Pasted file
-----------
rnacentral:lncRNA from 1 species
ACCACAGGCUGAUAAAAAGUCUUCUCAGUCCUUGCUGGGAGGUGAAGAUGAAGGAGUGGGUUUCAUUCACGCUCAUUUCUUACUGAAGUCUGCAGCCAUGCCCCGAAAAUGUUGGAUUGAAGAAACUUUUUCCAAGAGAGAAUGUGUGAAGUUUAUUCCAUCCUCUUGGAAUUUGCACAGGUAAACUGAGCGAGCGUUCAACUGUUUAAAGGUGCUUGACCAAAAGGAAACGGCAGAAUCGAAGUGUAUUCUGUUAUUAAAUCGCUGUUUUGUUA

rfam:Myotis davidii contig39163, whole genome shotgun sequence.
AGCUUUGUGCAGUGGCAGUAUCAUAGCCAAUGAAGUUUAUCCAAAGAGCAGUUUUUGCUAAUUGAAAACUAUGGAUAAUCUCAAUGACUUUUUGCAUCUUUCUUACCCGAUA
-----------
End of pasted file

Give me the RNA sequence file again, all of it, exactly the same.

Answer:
rnacentral:lncRNA from 1 species
ACCACAGGCUGAUAAAAAGUCUUCUCAGUCCUUGCUGGGAGGUGAAGAUGAAGGAGUGGGUUUCAUUCACGCUCAUUUCUUACUGAAGUCUGCAGCCAUGCCCCGAAAAUGUUGGAUUGAAGAAACUUUUUCCAAGAGAGAAUGUGUGAAGUUUAUUCCAUCCUCUUGGAAUUUGCACAGGUAAACUGAGCGAGCGUUCAACUGUUUAAAGGUGCUUGACCAAAAGGAAACGGCAGAAUCGAAGUGUAUUCUGUUAUUAAAUCGCUGUUUUGUUA

rfam:Myotis davidii contig39163, whole genome shotgun sequence.
AGCUUUGUGCAGUGGCAGUAUCAUAGCCAAUGAAGUUUAUCCAAAGAGCAGUUUUUGCUAAUUGAAAACUAUGGAUAAUCUCAAUGACUUUUUGCAUCUUUCUUACCCGAUA